|Hot dogs, June 2|
|Chicken and asparagus, June 3|
|Chicken, chard, favas, June 5|
Tuesday was fast day, as usual: toast and coffee; a handful of nuts and tea. Basta così.
Wednesday a house-guest arrived for a couple of nights. I'd asked him in advance, of course, to let us know if there was anything he would not eat, and what he preferred for breakfast. He apparently felt it polite to ignore the request. Cook made a fine pasta sauce with excellent local bacon, her own tomato sauce, and fusilli, and I made the usual delicious green salad. He turned out, of course, not to eat meat, and politely pushed every tiny piece of minced bacon to the edge of his plate. He then announced he never ate lettuce.
For breakfast he had an orange and perhaps something else I ignored, withdrawn from a small cloth bag of provisions he always carried with him.
Thursday night he was punished by friends in San Francisco who took him to a Burmese restaurant whose fare, he told us, was impossibly piquant. We on the other hand had hot dogs at home again, while watching another excellent Cubs game on television. In the photo (top left) you see how We do it: sliced raw onion, sauerkraut, a little mustard, a little pickle relish. Yes, that's potato salad on the plate.
The mustard jar is pretty well empty, as you see: fine. I put a spoonful or two of red wine vinegar in the jar, put the lid on tight, and shook it up well; then used some of that for the evening's vinaigrette. Delicious.
We spent Friday in the city, delivering houseguest to his work in San Francisco, then picking up green coffee beans in Oakland, and continuing our so far unsatisfactory search for salt from the Ile de Ré. The coffee's from Sweet Maria, who provide marvelous blends of beans for me to roast here at home: currently my favorite is what they call Ethiopiques, a suggestive name that always brings Valery Larbaud to mind, and Jacques Ibert's Escales ; it is a delicious, fragrant, solid, thoughtful blend.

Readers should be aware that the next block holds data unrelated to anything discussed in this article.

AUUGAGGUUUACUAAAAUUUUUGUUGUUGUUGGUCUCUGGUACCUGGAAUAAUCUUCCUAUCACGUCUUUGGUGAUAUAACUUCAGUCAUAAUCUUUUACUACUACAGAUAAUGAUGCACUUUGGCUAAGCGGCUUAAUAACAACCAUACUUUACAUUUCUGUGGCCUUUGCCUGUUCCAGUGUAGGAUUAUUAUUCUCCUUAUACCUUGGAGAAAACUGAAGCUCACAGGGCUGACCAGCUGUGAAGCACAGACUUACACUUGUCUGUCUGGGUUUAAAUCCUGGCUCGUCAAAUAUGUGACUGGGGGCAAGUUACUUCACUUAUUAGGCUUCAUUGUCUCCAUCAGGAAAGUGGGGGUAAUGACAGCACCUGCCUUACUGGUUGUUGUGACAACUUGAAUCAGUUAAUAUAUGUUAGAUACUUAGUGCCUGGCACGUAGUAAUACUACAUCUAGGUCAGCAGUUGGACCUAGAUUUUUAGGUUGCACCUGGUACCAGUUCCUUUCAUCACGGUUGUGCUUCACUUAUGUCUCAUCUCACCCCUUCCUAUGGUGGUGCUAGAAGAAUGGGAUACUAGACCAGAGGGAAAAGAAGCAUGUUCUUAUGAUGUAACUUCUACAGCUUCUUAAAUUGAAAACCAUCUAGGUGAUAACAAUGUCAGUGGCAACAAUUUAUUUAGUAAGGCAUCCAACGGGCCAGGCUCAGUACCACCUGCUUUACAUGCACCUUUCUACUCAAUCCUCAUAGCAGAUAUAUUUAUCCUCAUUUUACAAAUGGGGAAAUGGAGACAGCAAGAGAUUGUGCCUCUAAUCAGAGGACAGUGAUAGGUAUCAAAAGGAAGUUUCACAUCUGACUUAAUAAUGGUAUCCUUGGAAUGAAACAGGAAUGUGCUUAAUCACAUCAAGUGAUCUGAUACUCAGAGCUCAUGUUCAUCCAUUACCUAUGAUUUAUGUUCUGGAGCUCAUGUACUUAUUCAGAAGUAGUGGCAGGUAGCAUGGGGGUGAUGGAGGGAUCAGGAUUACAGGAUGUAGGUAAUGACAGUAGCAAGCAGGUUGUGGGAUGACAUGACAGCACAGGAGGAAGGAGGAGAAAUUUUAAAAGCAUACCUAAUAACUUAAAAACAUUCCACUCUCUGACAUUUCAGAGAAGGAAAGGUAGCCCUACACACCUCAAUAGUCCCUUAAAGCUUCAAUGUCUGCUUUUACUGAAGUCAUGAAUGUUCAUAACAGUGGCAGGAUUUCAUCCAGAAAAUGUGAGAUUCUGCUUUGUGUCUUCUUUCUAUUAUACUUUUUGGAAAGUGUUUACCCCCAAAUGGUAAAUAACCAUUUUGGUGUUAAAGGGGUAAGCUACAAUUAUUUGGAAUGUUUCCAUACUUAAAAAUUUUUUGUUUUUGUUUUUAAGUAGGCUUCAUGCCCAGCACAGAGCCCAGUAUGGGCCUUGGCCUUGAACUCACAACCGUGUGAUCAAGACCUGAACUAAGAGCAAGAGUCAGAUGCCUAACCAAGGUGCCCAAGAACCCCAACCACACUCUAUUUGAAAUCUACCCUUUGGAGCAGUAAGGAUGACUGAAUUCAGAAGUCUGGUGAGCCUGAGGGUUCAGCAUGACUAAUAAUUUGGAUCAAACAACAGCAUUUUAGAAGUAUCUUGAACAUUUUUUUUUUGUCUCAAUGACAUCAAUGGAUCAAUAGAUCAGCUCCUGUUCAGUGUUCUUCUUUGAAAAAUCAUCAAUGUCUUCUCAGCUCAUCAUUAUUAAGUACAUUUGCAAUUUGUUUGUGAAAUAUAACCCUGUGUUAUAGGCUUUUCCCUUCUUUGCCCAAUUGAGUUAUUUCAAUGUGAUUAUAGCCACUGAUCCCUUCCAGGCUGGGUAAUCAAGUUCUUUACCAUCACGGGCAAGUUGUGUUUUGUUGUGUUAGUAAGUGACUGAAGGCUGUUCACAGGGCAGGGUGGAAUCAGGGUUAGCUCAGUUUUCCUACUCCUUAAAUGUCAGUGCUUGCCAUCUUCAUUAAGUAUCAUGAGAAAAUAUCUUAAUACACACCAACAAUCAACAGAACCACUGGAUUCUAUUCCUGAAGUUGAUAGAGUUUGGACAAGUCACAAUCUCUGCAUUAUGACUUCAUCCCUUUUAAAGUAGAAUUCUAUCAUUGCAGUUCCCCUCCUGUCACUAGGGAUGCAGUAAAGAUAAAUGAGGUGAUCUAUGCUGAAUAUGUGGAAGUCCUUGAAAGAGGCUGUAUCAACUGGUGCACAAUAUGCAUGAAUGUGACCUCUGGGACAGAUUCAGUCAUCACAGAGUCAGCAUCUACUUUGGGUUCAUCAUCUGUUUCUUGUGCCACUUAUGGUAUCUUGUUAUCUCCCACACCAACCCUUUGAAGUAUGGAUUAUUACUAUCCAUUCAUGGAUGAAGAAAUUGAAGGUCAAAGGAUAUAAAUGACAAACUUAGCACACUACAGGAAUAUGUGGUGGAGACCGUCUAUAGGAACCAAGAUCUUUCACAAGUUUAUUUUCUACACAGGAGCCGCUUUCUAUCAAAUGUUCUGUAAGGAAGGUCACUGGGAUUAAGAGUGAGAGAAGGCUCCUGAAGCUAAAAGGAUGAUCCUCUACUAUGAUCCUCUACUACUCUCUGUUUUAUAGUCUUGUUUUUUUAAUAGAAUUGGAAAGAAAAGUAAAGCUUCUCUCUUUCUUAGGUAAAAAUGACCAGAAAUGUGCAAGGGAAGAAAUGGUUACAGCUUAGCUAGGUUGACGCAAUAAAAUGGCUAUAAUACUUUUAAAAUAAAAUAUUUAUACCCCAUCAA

Cook did not want to cook that evening, and who could blame her? We settled for a pre-cooked chicken from the new upscale supermarket opened a couple of weeks ago in the neighboring town. The asparagus was fine; ditto the wine. The chicken tasted a bit of feathers, I thought.
YESTERDAY WAS UNUSUAL: it began at four o'clock in the morning with a quick cup of coffee and a piece of buttered toast; then a drive to the nearby city of Sonoma. There I joined — with my companion, the neighbor down the hill — a group of say eighty walkers led by a local historian.
We walked the environs of that historic city: the Mission, the Bear Flag Revolt, Vallejo; the vineyards and wineries; the wealthy suburbs up the hill toward the Napa county line; the town cemetery; the nearby blue-collar suburbs, once vacation-cabin communities on the placid railroads of more than a century ago.
Along the way, breakfast sandwich and coffee; a lunch sandwich with an orange and a nectarine; a muffin or two. Dinner was also provided, and it was good: baked chicken (again!), a chicken tamal, a pork burrito, rice, beans, salsa chile verde, a kind of chopped salad, watermelon. With this, Lagunitas IPA my neighbor had thoughtfully brought along.
So we come to tonight, Sunday night. I'm afraid we had to finish that precooked chicken, and it hadn't really improved in the meantime. With it, a fine bunch of huge Swiss chard leaves, ribs and leaves chopped and cooked staged; and favas.